I was also happy to see the Jon Box/Dan Fox collaboration : Building Solutions with the Microsoft .NET Compact Framework: Architecture and Best Practices for Mobile Development
At PDC I made a new friend, Olga Londer , and the recent book that she collaborated on was in the box too! Microsoft Content Management Server 2002: A Complete Guide. This is the same book that Owen Allen was happily shocked to discover a few weeks ago.
So to my friends at A-W (and all of the others including Amy Sorokas (now blogging!) and to all of those brainy people who give up a good part of their normal lives to write these books: THANK YOU!
I had this problem when I installed vs.net 1.0 on my remote webserver. In fact, I wrote about it 1 1/2 years ago here (see 2nd entry) and detailed the fix here .
Somewhere along the way, I was led to believe that the first Service Pack on .NET Framework 1.0 fixed this problem. But I think not. I just finally updated my intranet webserver (exists for testing purposes only) and opened up the first website in vs.net 2003 and could NOT debug it. After going over the obvious (did I remember to install the remote components? Was I in the Debugger Users group?) I finally tried editing machine.config (according to the above link) and finally had success.
Damn! Why didn't I think of that first?!
READ Mark Pearce's comment. And please note I (Julie) am not a system admin! Purely a hacker when it comes to having to deal with that stupid server machine in the corner over there.
Update#2: Reset the processmodel in machine.config BACK to “machine”. I have always been an administrator - so that was not the issue either. What I finally did (thanks to a hint in Mark's comment) was look at the Temporary ASP.NET files folder on the webserver (c:\winnt\.net framework\xxxxxversion\) and added the ASPNET user into the permissions for this folder. I wonder why this was not done as part of the installation?
Last week a friend of mine called. She also happens to be the woman who was my very first ever consulting client 18 years ago and the relationship has evolved into a good friendship. She could not start up Windows XP. By the time I was able to return her call she was in the midst of what became a 4 hour phone call with Dell who was helping her out. This was a Dell laptop that was 8 months past its warranty. After these 4 hours and many more with further assistance, it became apparent that the system could not be restored at all or even reinstalled. My friend has since then lost so many days of work that she has decided to buy a new laptop and have that other one overhauled, if possible, and used as a secondary machine. She was so desparate that she couldn't even wait the week that Dell was quoting her for a new laptop and chose from one of the refurbished available machines she could order for overnight delivery.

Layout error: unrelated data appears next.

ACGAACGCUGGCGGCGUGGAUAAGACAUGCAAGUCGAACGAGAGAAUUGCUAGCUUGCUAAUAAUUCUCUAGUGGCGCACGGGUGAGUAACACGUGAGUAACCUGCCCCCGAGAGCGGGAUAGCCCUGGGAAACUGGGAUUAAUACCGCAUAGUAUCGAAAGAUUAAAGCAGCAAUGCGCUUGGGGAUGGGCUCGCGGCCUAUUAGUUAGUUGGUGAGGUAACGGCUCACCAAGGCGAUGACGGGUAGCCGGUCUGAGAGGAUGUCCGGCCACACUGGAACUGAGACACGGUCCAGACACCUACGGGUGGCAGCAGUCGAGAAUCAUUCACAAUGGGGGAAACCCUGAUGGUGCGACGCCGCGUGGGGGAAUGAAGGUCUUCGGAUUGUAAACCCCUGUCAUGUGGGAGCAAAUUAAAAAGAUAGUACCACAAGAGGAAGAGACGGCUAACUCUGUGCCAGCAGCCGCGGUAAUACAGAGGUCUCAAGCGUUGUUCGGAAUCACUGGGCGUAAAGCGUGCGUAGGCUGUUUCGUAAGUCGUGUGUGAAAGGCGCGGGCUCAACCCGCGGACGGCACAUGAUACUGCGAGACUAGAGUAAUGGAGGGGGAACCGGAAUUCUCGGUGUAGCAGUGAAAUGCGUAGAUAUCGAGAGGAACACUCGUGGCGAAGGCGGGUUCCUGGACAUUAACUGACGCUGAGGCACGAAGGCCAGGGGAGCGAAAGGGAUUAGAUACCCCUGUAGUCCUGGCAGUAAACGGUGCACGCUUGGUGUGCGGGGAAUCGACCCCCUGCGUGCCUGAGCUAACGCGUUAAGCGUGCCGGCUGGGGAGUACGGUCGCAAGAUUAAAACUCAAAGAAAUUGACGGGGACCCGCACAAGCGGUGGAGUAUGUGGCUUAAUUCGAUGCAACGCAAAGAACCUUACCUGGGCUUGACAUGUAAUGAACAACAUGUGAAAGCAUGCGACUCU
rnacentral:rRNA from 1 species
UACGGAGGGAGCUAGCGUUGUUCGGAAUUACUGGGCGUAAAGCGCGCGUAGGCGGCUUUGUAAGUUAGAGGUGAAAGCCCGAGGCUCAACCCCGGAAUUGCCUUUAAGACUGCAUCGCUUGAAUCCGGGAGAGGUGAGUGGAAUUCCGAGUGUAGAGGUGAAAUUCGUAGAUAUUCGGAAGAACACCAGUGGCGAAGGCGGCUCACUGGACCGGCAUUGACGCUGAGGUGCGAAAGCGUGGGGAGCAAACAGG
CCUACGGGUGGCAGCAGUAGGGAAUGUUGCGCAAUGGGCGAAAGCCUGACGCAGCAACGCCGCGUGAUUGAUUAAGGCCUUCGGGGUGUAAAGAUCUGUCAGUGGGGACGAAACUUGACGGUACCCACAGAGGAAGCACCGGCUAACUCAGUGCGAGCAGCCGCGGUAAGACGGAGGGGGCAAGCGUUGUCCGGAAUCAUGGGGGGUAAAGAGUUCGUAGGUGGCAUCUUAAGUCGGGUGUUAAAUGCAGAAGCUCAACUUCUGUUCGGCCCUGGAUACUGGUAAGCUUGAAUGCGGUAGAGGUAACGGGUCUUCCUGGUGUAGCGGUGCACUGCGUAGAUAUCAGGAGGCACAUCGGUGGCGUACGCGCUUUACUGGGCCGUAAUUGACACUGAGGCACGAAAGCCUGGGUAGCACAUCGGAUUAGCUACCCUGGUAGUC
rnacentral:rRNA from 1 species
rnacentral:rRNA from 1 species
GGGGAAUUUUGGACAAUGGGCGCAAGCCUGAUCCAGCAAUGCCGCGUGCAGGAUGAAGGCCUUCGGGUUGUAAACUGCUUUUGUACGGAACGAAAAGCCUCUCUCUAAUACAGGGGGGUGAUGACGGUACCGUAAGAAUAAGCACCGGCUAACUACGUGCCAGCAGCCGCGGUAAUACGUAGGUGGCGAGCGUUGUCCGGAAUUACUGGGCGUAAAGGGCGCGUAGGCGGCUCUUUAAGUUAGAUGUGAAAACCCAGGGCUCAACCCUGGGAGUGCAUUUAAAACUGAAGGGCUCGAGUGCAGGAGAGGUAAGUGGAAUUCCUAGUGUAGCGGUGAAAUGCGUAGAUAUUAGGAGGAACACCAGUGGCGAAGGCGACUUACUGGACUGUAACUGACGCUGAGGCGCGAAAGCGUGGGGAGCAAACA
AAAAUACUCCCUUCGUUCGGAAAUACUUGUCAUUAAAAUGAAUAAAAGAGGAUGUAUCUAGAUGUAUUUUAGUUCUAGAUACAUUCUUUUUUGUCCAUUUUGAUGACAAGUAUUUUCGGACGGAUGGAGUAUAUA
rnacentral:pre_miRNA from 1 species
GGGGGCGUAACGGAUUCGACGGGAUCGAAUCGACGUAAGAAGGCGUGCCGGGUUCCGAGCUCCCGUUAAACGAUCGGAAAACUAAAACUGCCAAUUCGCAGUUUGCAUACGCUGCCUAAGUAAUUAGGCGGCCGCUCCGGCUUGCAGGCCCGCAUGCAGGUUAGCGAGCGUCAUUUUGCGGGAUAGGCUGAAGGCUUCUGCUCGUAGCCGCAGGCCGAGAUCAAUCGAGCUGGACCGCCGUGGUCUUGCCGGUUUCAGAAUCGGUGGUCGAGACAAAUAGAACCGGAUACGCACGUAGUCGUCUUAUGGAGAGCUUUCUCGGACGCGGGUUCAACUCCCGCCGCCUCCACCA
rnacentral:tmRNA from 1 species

The post mortem is that this irreconcilable problem was caused by a virus. This is a woman who I taught many years ago the importance of good backups and constant virus protection. Luckily the good backups are saving her butt today. And I know that she generally IS very good about updating her virus protection. However I learned that when she had the [now dead] box upgraded to Windows XP, the version of Anti-Virus that she had was “not compatible” with XP and her virus protection was left to the wind and then forgotten. I think that the information that is given by Symantec and other vendors is confusing to the faint-of-heart sometimes and they are scared into always buying new versions of the software when an older version most often works just fine on a newer O/S. So I'm upset that this is the main reason for this happening to my friend - to the tune of about $2500 and a little dismayed with whomever was entrusted to take care of her original upgrade to XP, leaving her so vulnerable.
Today is going to be refactoring day. (This has nothing to do with Whidbey - rather real refactoring)
My app that I am writing is going to have pluggable pieces. We are doing data entry and reporting for a variety of tests done out in the field.
So I have written this so that there is a base form and a base test class that each test's data entry form and associated class derive from. Currently everything is in one project - so that I could work through all of the logic. I only have one test created so that it's not a nightmare. Now it is time to break everything up.
I will be putting the base class and base form into one dll.
Then the derived class and derived form into it's own dll.
Then the main UI will be able to use reflection to grab the appropriate form dynamically out of it's dll and that form will call out to the base dll to define itself.
The [believe that] challenge ahead of me really is just getting all of the references set up properly.